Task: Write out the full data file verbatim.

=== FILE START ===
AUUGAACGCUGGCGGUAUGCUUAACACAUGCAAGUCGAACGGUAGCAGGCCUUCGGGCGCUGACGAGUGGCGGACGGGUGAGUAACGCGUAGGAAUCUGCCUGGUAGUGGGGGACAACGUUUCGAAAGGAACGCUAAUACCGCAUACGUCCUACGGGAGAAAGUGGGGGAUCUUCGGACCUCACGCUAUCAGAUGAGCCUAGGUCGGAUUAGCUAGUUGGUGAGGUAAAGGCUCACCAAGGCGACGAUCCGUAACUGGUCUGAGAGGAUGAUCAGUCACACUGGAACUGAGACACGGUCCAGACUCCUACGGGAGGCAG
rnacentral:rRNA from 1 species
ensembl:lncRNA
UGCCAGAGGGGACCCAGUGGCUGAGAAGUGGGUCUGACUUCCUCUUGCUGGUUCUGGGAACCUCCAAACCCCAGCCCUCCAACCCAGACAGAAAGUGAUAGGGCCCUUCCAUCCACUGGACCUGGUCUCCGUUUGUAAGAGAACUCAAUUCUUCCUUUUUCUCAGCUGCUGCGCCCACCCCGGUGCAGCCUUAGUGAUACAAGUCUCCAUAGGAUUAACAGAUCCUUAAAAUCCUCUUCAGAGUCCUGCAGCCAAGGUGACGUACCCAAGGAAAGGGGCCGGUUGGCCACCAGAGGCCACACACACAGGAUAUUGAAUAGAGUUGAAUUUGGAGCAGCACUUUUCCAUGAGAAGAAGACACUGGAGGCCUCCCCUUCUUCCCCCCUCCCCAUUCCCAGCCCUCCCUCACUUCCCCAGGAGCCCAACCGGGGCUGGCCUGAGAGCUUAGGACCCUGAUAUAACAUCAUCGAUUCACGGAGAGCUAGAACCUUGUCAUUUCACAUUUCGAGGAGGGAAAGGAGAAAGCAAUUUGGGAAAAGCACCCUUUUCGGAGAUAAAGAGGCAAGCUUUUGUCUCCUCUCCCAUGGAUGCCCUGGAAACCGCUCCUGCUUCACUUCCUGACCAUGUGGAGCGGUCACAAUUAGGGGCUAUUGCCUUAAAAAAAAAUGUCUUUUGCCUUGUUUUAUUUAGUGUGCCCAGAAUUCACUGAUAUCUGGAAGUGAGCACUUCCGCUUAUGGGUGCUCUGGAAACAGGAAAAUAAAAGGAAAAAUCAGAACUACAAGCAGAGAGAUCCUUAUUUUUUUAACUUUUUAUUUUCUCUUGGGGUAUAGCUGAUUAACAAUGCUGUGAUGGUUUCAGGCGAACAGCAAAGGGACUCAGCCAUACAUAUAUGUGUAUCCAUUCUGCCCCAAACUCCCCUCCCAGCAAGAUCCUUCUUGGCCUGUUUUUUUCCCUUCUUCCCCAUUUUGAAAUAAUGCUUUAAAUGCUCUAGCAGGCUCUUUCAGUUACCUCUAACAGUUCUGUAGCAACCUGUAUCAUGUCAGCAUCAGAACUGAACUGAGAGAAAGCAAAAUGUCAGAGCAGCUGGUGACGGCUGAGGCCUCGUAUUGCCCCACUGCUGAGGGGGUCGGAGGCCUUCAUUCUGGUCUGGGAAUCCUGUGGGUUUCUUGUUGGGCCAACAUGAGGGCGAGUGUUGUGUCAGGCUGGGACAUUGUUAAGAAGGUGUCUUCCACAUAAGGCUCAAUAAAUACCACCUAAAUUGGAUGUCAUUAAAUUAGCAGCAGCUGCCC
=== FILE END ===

AUUGAACGCUGGCGGUAUGCUUAACACAUGCAAGUCGAACGGUAGCAGGCCUUCGGGCGCUGACGAGUGGCGGACGGGUGAGUAACGCGUAGGAAUCUGCCUGGUAGUGGGGGACAACGUUUCGAAAGGAACGCUAAUACCGCAUACGUCCUACGGGAGAAAGUGGGGGAUCUUCGGACCUCACGCUAUCAGAUGAGCCUAGGUCGGAUUAGCUAGUUGGUGAGGUAAAGGCUCACCAAGGCGACGAUCCGUAACUGGUCUGAGAGGAUGAUCAGUCACACUGGAACUGAGACACGGUCCAGACUCCUACGGGAGGCAG
rnacentral:rRNA from 1 species
ensembl:lncRNA
UGCCAGAGGGGACCCAGUGGCUGAGAAGUGGGUCUGACUUCCUCUUGCUGGUUCUGGGAACCUCCAAACCCCAGCCCUCCAACCCAGACAGAAAGUGAUAGGGCCCUUCCAUCCACUGGACCUGGUCUCCGUUUGUAAGAGAACUCAAUUCUUCCUUUUUCUCAGCUGCUGCGCCCACCCCGGUGCAGCCUUAGUGAUACAAGUCUCCAUAGGAUUAACAGAUCCUUAAAAUCCUCUUCAGAGUCCUGCAGCCAAGGUGACGUACCCAAGGAAAGGGGCCGGUUGGCCACCAGAGGCCACACACACAGGAUAUUGAAUAGAGUUGAAUUUGGAGCAGCACUUUUCCAUGAGAAGAAGACACUGGAGGCCUCCCCUUCUUCCCCCCUCCCCAUUCCCAGCCCUCCCUCACUUCCCCAGGAGCCCAACCGGGGCUGGCCUGAGAGCUUAGGACCCUGAUAUAACAUCAUCGAUUCACGGAGAGCUAGAACCUUGUCAUUUCACAUUUCGAGGAGGGAAAGGAGAAAGCAAUUUGGGAAAAGCACCCUUUUCGGAGAUAAAGAGGCAAGCUUUUGUCUCCUCUCCCAUGGAUGCCCUGGAAACCGCUCCUGCUUCACUUCCUGACCAUGUGGAGCGGUCACAAUUAGGGGCUAUUGCCUUAAAAAAAAAUGUCUUUUGCCUUGUUUUAUUUAGUGUGCCCAGAAUUCACUGAUAUCUGGAAGUGAGCACUUCCGCUUAUGGGUGCUCUGGAAACAGGAAAAUAAAAGGAAAAAUCAGAACUACAAGCAGAGAGAUCCUUAUUUUUUUAACUUUUUAUUUUCUCUUGGGGUAUAGCUGAUUAACAAUGCUGUGAUGGUUUCAGGCGAACAGCAAAGGGACUCAGCCAUACAUAUAUGUGUAUCCAUUCUGCCCCAAACUCCCCUCCCAGCAAGAUCCUUCUUGGCCUGUUUUUUUCCCUUCUUCCCCAUUUUGAAAUAAUGCUUUAAAUGCUCUAGCAGGCUCUUUCAGUUACCUCUAACAGUUCUGUAGCAACCUGUAUCAUGUCAGCAUCAGAACUGAACUGAGAGAAAGCAAAAUGUCAGAGCAGCUGGUGACGGCUGAGGCCUCGUAUUGCCCCACUGCUGAGGGGGUCGGAGGCCUUCAUUCUGGUCUGGGAAUCCUGUGGGUUUCUUGUUGGGCCAACAUGAGGGCGAGUGUUGUGUCAGGCUGGGACAUUGUUAAGAAGGUGUCUUCCACAUAAGGCUCAAUAAAUACCACCUAAAUUGGAUGUCAUUAAAUUAGCAGCAGCUGCCC